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In Guatemala, half of all young women marry before the age of 20. Only five percent of them use an effective method of birth control.

Forty-four percent of women become mothers before they reach 20; the proportion of young mothers is even higher among women without education (68 percent) and among indigenous women (54%). By the time they turn 30, many of these women have seven or eight children.

Although there is a federal mandate to provide universal reproductive-health education and healthcare , entrenched cultural norms and the influence of the Catholic Church mean that very few young people receive it.

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Educating Child Brides in Rajasthan India

Posted in child brides, Documentary | Photography, Girls Education, India, Non Profit, poverty, womens reproductive healthcare on April 5th, 2012 by tuschman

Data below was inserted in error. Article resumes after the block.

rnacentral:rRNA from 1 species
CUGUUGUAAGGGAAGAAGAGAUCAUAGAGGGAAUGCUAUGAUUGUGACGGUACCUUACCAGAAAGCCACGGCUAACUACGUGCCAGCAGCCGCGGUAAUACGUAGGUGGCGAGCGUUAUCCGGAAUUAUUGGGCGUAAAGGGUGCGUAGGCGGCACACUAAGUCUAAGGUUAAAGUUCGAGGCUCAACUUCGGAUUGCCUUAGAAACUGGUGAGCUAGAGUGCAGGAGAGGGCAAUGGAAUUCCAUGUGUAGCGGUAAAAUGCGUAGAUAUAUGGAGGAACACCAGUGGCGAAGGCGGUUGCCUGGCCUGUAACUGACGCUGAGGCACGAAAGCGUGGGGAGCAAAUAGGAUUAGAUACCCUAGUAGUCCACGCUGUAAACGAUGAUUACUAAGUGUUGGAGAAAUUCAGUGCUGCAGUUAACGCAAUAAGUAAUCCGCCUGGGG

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This past January, I had another opportunity to work with EducateGirls India, an NGO that works in Rajasthan, where gender inequality is especially high. EducateGirls has intensive programs to educate as many girls as possible. Their goal is to encourage them to pursue education beyond the 6th grade. In Rajasthan, 68 percent of girls are child brides, out of which 15 percent are married below the age of ten. Educate Girls works in the Pali and Jalore districts, where a lack of education for girls is a serious problem. Both districts have alarmingly high rates of child marriage, out-of-school children, and some of the lowest literacy rates in Rajasthan.

First, a bit of background information on the issue of child brides.